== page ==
From the same plantation as Hotel Chocolat’s Marcial, Bord Du Lac is another one of the 16 cortès (areas of terroir) that Hotel Chocolat have turned into one of their single côte bars. All the beans currently growing on the Rabot Estate are of the trinitario variety, which are more commonly aligned with fruity flavours, although in St. Lucia the terroir tends to express a darker tone.
I’ve reviewed this bar before, as I bought it when it was first released and I remember it, but only generally rather than specifically. I remember thinking of it as a white toned, slightly more elegant version of St Lucian cacao with flavours of white grape that transcended the usual leathers and tobaccos. It’s always good to revisit bars to see what has changed between harvests and more importantly what has changed in terms of your tastebuds – it also helps that family members can easily purchase these for me in a shop when they’re trying to buy me presents – to see how your palate develops over time. With some preconceived notions of what to expect I began re-experiencing this bar. Opening the packaging it’s the highly familiar and somewhat ubiquitous tree bark Rabot 1745 mould present. Breaking off a piece releases aromas of potpourri and sweet florals that seem distinctive and perfumed, the creamy mouthfeel could do with some additional stability, but it’s nice enough. To taste the flavours open up in the same manner as before, these are refined white flavours, pear, almond, white wine and a generally pervading confectionary feel of white sugar tones providing the sweetness. There’s subtly complexity and even some elegance here, as you might expect from such flavours, but it’s a little at contrast to the style of the sugar tones, which are in all fairness very pleasant. Decent balance and a fairly good length lead us to a somewhat dry finish, which reminds me more again of the qualities of a dry white wine, which embodies a lot of the same qualities. This is a refined, light and elegant bar for anyone wanting to approach chocolate more classically and seeking to keep a fairly clean palate to pair with food and drink.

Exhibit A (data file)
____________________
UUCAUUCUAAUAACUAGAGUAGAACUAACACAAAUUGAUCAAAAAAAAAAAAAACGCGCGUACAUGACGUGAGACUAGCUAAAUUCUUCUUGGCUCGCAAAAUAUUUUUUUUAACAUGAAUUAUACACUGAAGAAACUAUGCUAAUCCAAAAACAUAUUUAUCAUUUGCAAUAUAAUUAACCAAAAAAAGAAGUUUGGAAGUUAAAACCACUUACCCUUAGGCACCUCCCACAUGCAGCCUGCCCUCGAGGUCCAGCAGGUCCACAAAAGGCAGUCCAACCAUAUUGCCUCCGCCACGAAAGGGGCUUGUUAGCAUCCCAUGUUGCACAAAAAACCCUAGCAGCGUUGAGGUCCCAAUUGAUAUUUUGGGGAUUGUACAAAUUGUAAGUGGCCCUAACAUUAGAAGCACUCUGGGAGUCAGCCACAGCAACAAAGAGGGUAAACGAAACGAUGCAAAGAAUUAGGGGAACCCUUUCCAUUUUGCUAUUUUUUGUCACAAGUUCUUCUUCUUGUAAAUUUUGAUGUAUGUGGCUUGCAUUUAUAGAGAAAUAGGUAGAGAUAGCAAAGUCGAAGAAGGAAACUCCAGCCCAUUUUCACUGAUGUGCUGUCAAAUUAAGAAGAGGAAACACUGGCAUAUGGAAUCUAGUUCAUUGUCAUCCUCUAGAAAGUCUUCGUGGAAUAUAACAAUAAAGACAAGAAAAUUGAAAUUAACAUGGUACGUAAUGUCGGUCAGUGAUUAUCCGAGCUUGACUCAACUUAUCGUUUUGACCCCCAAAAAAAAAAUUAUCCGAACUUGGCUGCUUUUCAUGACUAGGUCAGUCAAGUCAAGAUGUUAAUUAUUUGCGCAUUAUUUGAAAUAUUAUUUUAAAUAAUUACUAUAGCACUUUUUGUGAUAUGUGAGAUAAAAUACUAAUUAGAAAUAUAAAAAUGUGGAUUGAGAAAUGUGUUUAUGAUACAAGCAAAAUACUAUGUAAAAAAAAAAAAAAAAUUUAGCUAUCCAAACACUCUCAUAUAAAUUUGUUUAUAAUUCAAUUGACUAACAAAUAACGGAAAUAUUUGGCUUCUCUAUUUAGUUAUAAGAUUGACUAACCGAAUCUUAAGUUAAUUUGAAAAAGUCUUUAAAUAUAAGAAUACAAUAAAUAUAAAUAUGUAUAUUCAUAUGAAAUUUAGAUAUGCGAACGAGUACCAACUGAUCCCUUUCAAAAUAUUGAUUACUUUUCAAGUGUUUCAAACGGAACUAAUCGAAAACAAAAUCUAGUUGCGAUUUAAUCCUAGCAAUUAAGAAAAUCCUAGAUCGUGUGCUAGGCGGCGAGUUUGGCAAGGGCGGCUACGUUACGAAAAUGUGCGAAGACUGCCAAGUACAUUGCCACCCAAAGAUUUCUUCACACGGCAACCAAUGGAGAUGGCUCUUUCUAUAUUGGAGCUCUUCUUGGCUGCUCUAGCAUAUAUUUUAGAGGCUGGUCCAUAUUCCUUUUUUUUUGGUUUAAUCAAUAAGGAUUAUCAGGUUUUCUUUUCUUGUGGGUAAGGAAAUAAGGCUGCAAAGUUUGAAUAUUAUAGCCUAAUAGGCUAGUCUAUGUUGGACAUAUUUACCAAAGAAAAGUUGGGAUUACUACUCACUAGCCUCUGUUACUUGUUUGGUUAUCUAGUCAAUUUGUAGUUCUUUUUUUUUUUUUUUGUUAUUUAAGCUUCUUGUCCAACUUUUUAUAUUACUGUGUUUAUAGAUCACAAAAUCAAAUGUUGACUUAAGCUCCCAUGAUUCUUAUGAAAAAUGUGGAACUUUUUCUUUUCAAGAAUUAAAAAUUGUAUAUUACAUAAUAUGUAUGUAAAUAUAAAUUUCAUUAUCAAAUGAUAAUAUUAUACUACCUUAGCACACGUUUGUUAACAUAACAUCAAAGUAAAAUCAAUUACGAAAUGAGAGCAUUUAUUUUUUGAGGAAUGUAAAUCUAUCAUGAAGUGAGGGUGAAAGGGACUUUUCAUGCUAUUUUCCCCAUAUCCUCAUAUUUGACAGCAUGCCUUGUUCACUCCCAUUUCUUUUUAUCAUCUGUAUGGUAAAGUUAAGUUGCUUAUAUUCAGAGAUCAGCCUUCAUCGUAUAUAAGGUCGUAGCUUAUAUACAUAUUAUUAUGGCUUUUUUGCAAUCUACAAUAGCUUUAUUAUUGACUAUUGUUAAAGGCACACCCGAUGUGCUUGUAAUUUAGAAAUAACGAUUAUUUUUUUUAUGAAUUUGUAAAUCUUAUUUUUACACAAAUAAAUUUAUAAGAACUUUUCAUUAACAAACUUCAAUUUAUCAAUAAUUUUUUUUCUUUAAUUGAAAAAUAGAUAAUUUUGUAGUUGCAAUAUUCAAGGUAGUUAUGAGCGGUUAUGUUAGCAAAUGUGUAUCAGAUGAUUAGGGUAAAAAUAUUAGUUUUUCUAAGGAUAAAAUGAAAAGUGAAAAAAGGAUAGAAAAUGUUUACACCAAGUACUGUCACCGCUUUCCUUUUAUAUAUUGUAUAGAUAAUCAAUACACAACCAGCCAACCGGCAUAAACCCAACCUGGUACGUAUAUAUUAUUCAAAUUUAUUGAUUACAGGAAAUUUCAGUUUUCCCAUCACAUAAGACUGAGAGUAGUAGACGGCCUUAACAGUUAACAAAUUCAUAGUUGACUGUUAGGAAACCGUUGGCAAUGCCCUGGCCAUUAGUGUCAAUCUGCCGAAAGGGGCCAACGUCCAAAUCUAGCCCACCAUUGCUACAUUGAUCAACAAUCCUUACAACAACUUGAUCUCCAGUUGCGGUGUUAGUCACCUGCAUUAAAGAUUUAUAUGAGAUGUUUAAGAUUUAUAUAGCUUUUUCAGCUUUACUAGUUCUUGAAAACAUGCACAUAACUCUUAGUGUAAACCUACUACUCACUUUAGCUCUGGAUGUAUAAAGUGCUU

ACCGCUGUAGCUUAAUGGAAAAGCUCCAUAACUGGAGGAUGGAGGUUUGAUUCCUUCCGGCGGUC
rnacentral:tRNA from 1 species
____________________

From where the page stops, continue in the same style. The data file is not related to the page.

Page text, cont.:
Ingredients: Cocoa solids (cocoa mass, cocoa butter), sugar.
Colour: Medium to darker earthy brown
Texture: Smooth, weathered granite
Mould: Hotel Chocolat Rabot 1745 tablet mould
Snap: Crisp, click
Temp/Shine: Glossy matte
Notes: Cocoa, sweet florals, poupurri, leather
Quality: Distinctive, perfumed
Length: Medium length
Evenness: Speeds up towards the end
Texture: Creamy, confectionary
Quality: Pleasant, light
Quality: Uplifting, refreshing
Notes: Milk sugar, confectioners cream, light caramel
Quality: Bright, pleasant
Notes: Almond, pear, confectioners cream, sweet white wine, golden tobacco
Quality: Light, subtly complex, elegant
Flavours lengthen over the melt, but lack a smooth roundedness
Notes: Sweet white notes, dry, lingering
Quality: Sweet white notes fill the end, before a slightly dry finish, which leaves lingering flavours of pear and almond tart with cream
Sweetness can come to dominate the proceedings, but otherwise this bar remains fairly balanced with complementary tones and a creaminess that levels the bar out, structure remains fairly light with roast providing some additional backbone
Bar has some depth and a good degree of dimension too, subtle flavour complexity is well balanced, structure while light remains consistent, expression feels honest of terroir and processing feels light
Hotel Chocolat’s Tasting Notes: Make hay whilst the sun shines. Greeted with a bouquet of grassy aromas, this crowd pleaser offers understated simplicity. The elusive earth tones sharpen to a woody, nutty pinnacle.